Two British teenagers on a school trip who were suspected of stealing items that belonged to prisoners at Auschwitz are likely to be fined and released in the next 48 hours, Polish police said. The 17-year-old boys were spotted acting suspiciously on Monday afternoon at the Auschwitz-Birkenau State Museum in southern Poland, and are being held at the police headquarters in Oswiecim. The offence is punishable by up to 10 years in prison, but the police spokesman said they may go home "today or tomorrow" after paying a fine. The pair were found with a fragment of hair clippers, spoons, some buttons and two pieces of glass after they were apprehended in warehouse number five - known as Canada - where the belongings of the Auschwitz arrivals were seized during the Holocaust. Polish police said they were arrested for carrying out activities related to the misappropriation of objects that represent special cultural importance, to the detriment of the museum. A spokeswoman at the Foreign & Commonwealth Office said: "We are in contact with the Polish authorities and stand ready to provide consular assistance." The Holocaust Educational Trust's chief executive, Karen Pollock, said: "This is absolutely shocking and shows gross disregard to the memory of the Holocaust. Every single artefact found at Auschwitz-Birkenau tells a story of the more than a million people who were ruthlessly murdered by the Nazis there and this incident serves to show why our work is crucial now more than ever. "We have a duty to educate the next generation to prevent ignorance and hate, and in over 15 years of organising for thousands of British teenagers to visit Auschwitz-Birkenau, we have never known of such an incident. We would gladly work with these young boys to ensure they understand the implications of their actions although this is now a matter for the police." Visitors have tried to steal artefacts as souvenirs from the museum in the past. In 2010, a Swedish man was jailed for organising the theft of the Arbeit Macht Frei (Work Makes You Free) sign from the entry gate of Auschwitz. The Auschwitz-Birkenau State Museum was founded in 1947 and has over 80,000 British visitors each year.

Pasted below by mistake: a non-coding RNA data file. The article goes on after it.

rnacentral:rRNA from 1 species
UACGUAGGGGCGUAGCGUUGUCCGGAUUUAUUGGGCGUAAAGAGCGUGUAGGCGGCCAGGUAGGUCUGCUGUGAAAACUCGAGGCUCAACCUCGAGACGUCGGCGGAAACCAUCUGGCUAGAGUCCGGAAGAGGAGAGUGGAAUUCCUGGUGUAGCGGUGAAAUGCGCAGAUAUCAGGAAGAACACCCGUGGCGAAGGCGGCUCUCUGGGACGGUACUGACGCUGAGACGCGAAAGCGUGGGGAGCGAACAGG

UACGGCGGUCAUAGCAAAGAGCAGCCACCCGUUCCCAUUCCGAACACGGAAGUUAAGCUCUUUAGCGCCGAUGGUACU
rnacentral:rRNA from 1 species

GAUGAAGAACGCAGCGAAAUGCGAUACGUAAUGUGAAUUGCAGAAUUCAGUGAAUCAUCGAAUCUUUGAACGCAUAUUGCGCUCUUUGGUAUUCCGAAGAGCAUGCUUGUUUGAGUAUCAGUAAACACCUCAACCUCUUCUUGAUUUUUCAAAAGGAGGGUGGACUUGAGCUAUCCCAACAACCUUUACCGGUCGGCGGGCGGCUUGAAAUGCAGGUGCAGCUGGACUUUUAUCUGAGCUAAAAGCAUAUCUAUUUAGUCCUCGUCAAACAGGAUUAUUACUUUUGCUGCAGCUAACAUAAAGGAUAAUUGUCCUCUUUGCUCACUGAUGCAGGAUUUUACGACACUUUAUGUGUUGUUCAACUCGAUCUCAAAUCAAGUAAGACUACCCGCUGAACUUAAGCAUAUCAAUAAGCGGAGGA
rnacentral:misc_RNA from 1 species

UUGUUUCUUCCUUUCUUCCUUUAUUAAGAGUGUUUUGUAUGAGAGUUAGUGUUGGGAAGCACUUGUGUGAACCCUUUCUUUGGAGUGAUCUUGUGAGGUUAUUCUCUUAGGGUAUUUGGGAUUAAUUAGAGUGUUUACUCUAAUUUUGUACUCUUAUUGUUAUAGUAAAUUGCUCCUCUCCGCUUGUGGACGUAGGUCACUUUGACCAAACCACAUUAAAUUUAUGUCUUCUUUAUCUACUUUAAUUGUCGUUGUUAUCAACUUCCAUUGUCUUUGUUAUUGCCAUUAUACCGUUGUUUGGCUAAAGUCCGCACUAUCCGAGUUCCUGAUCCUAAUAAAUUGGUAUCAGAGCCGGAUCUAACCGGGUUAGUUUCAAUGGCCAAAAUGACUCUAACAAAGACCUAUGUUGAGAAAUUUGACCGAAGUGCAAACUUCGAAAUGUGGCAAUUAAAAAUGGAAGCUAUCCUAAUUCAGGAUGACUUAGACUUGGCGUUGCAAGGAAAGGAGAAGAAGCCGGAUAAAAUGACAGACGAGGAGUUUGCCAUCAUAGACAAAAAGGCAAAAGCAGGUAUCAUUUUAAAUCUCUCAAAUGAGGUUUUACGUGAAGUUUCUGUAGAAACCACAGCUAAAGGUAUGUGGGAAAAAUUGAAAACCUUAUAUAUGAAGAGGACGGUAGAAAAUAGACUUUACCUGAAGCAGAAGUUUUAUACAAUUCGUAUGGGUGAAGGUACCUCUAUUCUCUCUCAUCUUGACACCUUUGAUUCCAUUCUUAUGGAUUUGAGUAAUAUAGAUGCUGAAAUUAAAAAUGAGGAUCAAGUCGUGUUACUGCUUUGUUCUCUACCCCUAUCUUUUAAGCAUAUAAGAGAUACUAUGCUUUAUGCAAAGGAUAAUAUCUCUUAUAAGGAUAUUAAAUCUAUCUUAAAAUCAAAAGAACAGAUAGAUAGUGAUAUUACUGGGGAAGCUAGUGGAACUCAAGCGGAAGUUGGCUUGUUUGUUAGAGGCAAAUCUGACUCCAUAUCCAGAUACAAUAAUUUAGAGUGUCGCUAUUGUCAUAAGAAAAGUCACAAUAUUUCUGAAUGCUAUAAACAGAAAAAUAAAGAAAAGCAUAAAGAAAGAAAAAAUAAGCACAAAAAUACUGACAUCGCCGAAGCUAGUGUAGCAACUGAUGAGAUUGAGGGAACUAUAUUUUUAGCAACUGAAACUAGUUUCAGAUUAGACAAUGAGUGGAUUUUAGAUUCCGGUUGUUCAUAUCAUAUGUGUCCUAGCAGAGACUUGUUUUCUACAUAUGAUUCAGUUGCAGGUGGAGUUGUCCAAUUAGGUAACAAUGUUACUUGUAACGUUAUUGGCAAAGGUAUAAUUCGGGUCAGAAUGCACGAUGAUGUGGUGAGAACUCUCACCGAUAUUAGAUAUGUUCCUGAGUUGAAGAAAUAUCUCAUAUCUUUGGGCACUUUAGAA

Scotland’s national event to mark Holocaust Memorial Day was held in Stirling. The event at the university’s Macrobert Arts Centre was part of the UK national programme dedicated to rememberingvictims of the Holocaust, Nazi persecution and genocides in Cambodia, Rwanda, Bosnia, and Darfur. Speakers at the event included Arn Chorn Pond, who escaped from Cambodia after being held by the Khmer Rouge and is now a human rights activist; and Alfred Munzuer, who, as a Jewish child during the Holocaust, was separated from his family and kept in hiding by Indonesian neighbours in Holland. There was also a moving musical performance on the plight of the Roma people during the Holocaust, and a documentary featuring interviews with Holocaust survivors produced by educational charity From Yesterday for Tomorrow. Culture Secretary Fiona Hyslop attended the event and said: “It’s an honour to have been part of Scotland’s national Holocaust Memorial Day event.” Stirling MP Anne McGuire marked the day by signing the Holocaust Educational Trust Book of Commitment in the House of Commons. “The book honours those who died during the Holocaust and the survivors who educate young people about what they endured,” she said. The MP also asked her constituents to mark the day “in whatever way they feel appropriate in this fight against prejudice and intolerance”.